Civil Lawyers

Civil Lawyers

Calcutta High Court
Karnataka High Court
Madras High Court
Delhi High Court
Bombay High Court
Hyderabad High Court
Punjab & Haryana High Court

Civil Laws (Procedure)

Common questions on ‘Civil Laws’

  • What is civil law?
  • What is the procedure of a civil case in India?
  • What are the main features of civil laws?
  • How to file a case of civil matter?
  • Where to file a suit of civil matter?

What is civil law?

Procedural laws prescribe procedure for the enforcement of rights and liabilities. Effect of substantive laws to a large extent depends on the quality of procedural laws. The governing law for Civil Procedural Laws is the ‘Code of Civil Procedure, 1908’.  The object of the code is to consolidate and amend laws relating to the procedure of Courts of Civil judicature, it is to facilitate justice.

“A procedural law is always sought in aid of justice, not in contradiction or to defeat the very object which is sought to be achieved. A procedural law is always subservient to the substantive law. Nothing can be given by a procedural law what is not sought to be given by a substantive law and nothing can be taken away by the procedural law what is given by the substantive law.” – SC in Saiyad Mohd Bakar v. Abdulhabib Hasan (1998) 4 SCC 343 at p. 349.


Some features of the Code of Civil Procedure, 1908:

  • This Act is applicable to whole of India except the state of Jammu & Kashmir AND the state of Nagaland and the tribal areas
  • Since the aim of procedural laws is to supplement substantive laws and the relevant statutes, at instances of dispute b/w CODE OF CIVIL PROCEDURE, 1908 and a specialised statute, the special law gains prominence over CODE OF CIVIL PROCEDURE, 1908; however, at instances of a general law’s silence on a matter the applicable provisions of CODE OF CIVIL PROCEDURE, 1908 become applicable.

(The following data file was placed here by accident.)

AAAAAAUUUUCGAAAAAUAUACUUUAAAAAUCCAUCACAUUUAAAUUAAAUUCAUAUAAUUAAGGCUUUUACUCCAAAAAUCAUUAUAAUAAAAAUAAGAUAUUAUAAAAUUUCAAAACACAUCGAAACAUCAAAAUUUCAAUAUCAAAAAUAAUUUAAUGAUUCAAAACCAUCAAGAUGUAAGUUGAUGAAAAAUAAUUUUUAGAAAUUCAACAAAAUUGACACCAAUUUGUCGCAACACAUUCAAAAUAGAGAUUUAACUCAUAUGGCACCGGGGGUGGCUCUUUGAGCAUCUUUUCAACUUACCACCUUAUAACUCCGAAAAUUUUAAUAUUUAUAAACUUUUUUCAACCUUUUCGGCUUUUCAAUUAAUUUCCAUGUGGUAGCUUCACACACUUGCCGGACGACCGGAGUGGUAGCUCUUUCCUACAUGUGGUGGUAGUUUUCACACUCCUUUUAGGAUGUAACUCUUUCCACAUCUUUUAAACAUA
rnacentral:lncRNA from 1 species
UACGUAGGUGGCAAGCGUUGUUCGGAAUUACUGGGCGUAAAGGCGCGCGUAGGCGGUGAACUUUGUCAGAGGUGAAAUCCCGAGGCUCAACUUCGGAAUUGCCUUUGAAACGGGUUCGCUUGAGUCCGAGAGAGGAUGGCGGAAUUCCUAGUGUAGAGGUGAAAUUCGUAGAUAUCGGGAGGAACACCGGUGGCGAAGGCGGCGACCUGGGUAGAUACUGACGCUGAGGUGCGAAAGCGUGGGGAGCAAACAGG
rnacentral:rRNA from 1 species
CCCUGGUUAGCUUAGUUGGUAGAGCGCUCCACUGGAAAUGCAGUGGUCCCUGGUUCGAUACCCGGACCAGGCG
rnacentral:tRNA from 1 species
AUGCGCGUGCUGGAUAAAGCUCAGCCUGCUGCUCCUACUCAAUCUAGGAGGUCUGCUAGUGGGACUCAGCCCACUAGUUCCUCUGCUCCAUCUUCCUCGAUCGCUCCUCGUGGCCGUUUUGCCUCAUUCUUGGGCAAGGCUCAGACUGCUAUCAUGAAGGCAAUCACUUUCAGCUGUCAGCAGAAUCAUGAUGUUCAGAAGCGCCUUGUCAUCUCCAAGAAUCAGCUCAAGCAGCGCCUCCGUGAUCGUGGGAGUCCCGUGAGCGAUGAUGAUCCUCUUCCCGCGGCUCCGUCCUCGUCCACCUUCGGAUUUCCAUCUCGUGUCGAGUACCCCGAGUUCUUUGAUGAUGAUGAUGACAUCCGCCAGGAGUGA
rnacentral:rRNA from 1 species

• There are two major parts in CODE OF CIVIL PROCEDURE, 1908. 1st part is ‘The Body of the Code’ which comprises of 12 parts consisting of 158 sections, and the 2nd part is comprised of the Schedule which contains orders & rules.
  • When a court adjudicates a dispute, it either dismisses the case or provides for a decree. Decree is the expression of an adjudication which conclusively determines the rights of the parties, Judgement refers to the grounds for this decision. Order is a decision of the court which is not a decree. All Decrees are Orders however all Orders are not Decrees.
  • CODE OF CIVIL PROCEDURE, 1908 recognizes 4 primary types of jurisdictions, they are the; territorial jurisdiction, pecuniary jurisdiction, jurisdiction over subject matter, and the Original & Appellate Jurisdiction.
  • As per Section 10 of CODE OF CIVIL PROCEDURE, 1908, no court should entertain a suit if it is pending before a competent court under the same title and between the same parties.
  • Courts in the interest of justice, may exercise discretionary powers. This is known as the ‘Inherent powers of the Court’.
  • Section 89 of CODE OF CIVIL PROCEDURE, 1908 refers to Mediation
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Search Result : Expert Civil Lawyers

Consult Expert Civil Lawyers in India

Advocate Anik

Practice Areas :
Civil | Consumer Protection | Admiralty and Maritime | Arbitration and Mediation | Child Custody |

Advocate Prithvi Raj Sikka

Practice Areas :
Civil | Intellectual Property, Copyright, Patent, Trademar | Writ | Family | Contracts and Agreements |

Advocate Anish Palkar
Mumbai suburban

Practice Areas :
Civil | Documentation | Anticipatory Bail | Corporate and Incorporation | Insurance |

Advocate Bharat Majmundar

Practice Areas :
Civil | Family | Employment and Labour | Domestic Violence | Industrial Laws |

Advocate Yusuf Shabbir Mithi
Mumbai suburban

Practice Areas :
Civil | Intellectual Property, Copyright, Patent, Trademar | Child Custody | Criminal | Government Contracts |